When students were allowed to choose a question to analyze, the strong responses increased to 85%, indicating the students were selecting questions they were most likely to answer correctly. It is not clear what was driving this choice, but possible explanations include students gravitating toward questions for which they had more background knowledge or for which information was more readily available. Nevertheless, based on the prevalence of strong analyses for the student-choice homework questions, one would expect a larger percentage of these homework questions to result in significant difference between the Topic Analysis and Control Analysis groups on the matched final exam questions than we observed (Q14 and Q15, Figure 2). This discrepancy is most likely explained by the fact that only four of the eight student-choice questions had the characteristics of final exam questions associated with high efficacy: same topic emphasis as homework problem and relatively difficult (Q14, Q15, Q16, Q18). The homework exercise was effective for the two most difficult questions of the four; while the number of questions is small, this is consistent with strong analyses increasing the probability of the activity resulting in significant differences between the Topic Analysis and Control Analysis groups.
In the face of rapid scientific discovery and constantly evolving technology, it is critical that our biology students develop into effective, self-regulated learners. This requires that students be able to monitor, manipulate, and improve their own learning using strategies such as resource management, goal setting, positive beliefs, and self-reward (Schunk, 1990 ; Ley and Young, 2001 ). Formative assessment opportunities are important in facilitating self-regulated learning (Butler and Winne, 1995 ; Nicol and MacFarlane-Dick, 2006 ). The exercise we report was simple and low cost and resulted in increased performance on authentic, high-stakes graded elements in the class. Therefore, it can be used in very large classes, where formative assessment opportunities are often limited. Just over half of the students in our class indicated they would apply the exam analysis strategy described in this study in future classes. Thus, helping students employ this technique effectively has the potential to increase learning gains beyond the class in which it is introduced.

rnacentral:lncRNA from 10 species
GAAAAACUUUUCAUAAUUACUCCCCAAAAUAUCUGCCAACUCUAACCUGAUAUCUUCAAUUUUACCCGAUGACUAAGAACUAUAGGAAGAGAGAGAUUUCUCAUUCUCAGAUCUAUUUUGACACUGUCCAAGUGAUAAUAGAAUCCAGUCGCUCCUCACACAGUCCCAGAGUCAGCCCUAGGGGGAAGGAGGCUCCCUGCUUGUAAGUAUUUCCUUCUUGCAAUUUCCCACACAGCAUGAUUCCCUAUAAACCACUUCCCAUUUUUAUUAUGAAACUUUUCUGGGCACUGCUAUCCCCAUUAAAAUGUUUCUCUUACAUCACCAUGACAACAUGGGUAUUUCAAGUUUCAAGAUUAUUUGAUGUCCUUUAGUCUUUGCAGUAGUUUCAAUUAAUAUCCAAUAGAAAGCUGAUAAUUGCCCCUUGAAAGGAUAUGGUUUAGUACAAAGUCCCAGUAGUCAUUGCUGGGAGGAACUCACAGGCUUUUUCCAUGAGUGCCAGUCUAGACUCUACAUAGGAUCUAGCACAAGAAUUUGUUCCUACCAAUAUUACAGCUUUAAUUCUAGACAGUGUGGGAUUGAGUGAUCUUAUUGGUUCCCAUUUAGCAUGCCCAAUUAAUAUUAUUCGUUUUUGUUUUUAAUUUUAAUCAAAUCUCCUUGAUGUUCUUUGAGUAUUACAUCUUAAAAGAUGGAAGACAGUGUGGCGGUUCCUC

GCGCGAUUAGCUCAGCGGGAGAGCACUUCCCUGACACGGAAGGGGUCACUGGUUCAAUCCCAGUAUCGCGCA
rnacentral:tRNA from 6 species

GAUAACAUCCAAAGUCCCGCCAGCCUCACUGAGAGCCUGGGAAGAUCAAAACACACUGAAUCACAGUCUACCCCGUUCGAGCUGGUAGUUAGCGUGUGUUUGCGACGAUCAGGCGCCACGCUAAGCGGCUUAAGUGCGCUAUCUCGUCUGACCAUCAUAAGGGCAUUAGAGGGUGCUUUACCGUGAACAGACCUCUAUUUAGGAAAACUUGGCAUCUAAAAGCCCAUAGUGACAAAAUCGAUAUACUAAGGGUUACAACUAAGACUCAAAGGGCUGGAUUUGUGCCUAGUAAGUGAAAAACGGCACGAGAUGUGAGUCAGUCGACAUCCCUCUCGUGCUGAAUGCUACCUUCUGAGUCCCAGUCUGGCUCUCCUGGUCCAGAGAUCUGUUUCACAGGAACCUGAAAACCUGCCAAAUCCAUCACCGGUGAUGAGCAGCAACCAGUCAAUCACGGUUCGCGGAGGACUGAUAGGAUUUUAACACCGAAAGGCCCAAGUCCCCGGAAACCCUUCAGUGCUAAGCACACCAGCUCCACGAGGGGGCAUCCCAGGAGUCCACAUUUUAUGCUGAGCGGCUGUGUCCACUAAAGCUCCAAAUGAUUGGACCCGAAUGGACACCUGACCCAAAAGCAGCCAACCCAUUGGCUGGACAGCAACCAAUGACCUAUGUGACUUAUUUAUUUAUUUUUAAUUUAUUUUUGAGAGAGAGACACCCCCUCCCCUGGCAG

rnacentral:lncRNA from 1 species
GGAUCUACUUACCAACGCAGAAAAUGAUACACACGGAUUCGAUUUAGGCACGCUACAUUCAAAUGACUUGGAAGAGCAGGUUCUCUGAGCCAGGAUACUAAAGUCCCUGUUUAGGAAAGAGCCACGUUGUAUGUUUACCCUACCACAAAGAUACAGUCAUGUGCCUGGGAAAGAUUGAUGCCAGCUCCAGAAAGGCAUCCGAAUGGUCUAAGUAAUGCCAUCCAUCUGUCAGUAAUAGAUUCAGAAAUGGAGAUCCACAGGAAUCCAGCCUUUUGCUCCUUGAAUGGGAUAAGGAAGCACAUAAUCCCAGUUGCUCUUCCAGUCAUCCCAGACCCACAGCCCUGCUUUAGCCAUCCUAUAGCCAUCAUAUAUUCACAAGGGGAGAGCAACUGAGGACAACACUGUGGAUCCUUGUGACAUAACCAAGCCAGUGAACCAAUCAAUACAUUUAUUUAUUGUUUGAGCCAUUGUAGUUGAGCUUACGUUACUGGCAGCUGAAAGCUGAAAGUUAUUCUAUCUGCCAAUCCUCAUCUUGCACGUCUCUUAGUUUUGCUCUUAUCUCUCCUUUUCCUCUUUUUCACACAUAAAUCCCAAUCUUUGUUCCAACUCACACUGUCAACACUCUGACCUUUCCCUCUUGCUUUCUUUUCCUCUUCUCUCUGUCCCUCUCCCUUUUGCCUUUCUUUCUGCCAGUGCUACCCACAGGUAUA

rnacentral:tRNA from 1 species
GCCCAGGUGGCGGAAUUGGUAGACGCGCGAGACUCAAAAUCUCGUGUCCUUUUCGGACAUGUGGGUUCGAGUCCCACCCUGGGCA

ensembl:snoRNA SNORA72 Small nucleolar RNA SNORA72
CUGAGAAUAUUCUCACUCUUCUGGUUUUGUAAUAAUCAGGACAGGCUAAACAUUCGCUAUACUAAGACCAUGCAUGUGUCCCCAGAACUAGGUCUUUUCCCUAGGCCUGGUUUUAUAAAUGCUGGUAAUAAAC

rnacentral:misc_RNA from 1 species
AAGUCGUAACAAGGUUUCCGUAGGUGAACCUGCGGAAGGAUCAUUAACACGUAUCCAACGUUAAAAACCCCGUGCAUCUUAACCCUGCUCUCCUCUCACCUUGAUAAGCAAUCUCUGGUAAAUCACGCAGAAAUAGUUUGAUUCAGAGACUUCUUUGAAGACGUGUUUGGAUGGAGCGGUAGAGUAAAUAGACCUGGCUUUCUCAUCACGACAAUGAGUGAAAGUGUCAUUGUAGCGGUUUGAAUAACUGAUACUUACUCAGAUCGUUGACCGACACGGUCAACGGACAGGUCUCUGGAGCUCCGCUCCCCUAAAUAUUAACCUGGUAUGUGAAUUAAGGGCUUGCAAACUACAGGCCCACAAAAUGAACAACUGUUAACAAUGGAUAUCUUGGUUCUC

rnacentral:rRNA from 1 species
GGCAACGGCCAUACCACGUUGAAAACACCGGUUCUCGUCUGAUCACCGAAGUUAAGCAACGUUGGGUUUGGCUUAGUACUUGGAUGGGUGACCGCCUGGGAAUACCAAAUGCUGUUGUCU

We thank Roger Roxas for his excellent help in scoring the student analyses, all of our students in Bio 93 2005–2009, and Dr. Rahul Warrior for his support during his instruction of Bio 93. A special thanks as well to UCI's Distribution and Document Management Services and Norm Franz and Linh Nguyen for the development of the electronic exam return service Rapid Return. This research was funded by a grant from the Howard Hughes Medical Institute Professor Program to D.K.O.D.